Search icon


16th May 2024

5 Irish beaches (including 3 Dublin beaches) closed due to poor water quality


Three of the beaches are based in Dublin

Five Irish beaches have been closed due to poor water quality as we head into the summer months.

There are five beaches nationwide out of use due to poor water quality — an increase of two compared to 2022, according to a report by the EPA (Environmental Protection Agency).

Discharges from wastewater overflows and misconnections are the main issue at these beaches.

The beaches are listed below

Balbriggan, Front Strand Beach, Co Dublin, which is impacted by sewage discharges and misconnections; faeces from dogs, birds and other animals and contaminated surface streams flowing through the town.

Loughshinny Beach, Co Dublin, which is impacted by sewage discharges, misconnections from domestic plumbing systems, septic tanks, faeces from dogs, horses and birds, and contaminated streams which flow into the bathing water.

Sandymount Strand, Co Dublin, which is impacted by pollution from contaminated streams, misconnections, sewage discharges and faeces from dogs and birds.

Lady’s Bay, Buncrana, Co Donegal, which is impacted by Buncrana waste water treatment plant, combined stormwater overflows, and surface run-off, which are made worse by heavy rainfall.

Trá na mBan, An Spidéal, Co Galway, which is impacted by the Spiddal sewer network, run-off from agriculture, and discharges from septic tanks.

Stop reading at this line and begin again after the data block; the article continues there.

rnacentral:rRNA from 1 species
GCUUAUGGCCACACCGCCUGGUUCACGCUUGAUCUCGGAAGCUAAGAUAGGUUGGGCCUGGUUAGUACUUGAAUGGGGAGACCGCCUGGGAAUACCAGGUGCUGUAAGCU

The designated bathing season in Ireland is from June 1 to September 15.

Five Irish beaches closed due to poor water quality

The report states that bathing water quality can be impacted by heavy rainfall, resulting in waste water overflows and runoff from agricultural lands and urban areas which can cause short-term deterioration in water quality.

The wet weather in July and August 2023 led to a higher number of beach closures than previous years.

The report finds that bathing water quality in 2023 was high overall, with 97% (143 of 148) of sites meeting or exceeding the minimum standard, the same number as in 2022.

114 bathing sites (77%) had excellent water quality, down from 117 in 2022.

45 beaches were closed in 2023, an increase of 11 from 2022, due to pollution incidents, overflow in the sewer network and algal blooms.

Sandymount Strand - Dublin beaches
Sandymount Strand (Rolling News)

Director of the EPA Dr Eimear Cotter said that while bathing water quality is generally very good, “there is a need to build climate resilience into the management of bathing waters to reduce the risk of pollution following heavy rainfall.

This needs action by all sectors including Uisce Éireann, local authorities, and agriculture to reduce overflows from urban waste water systems, and runoff from urban areas and agricultural land.

“While beach closures play an important role in protecting bathers’ health, local authorities need to improve their understanding of the pressures which can impact beaches in the context of changing rainfall patterns.”

This article was written by Simon Kelly and originally appeared on

READ ON: Lifelong pen pals finally ‘meet’ through the Dublin and New York Portal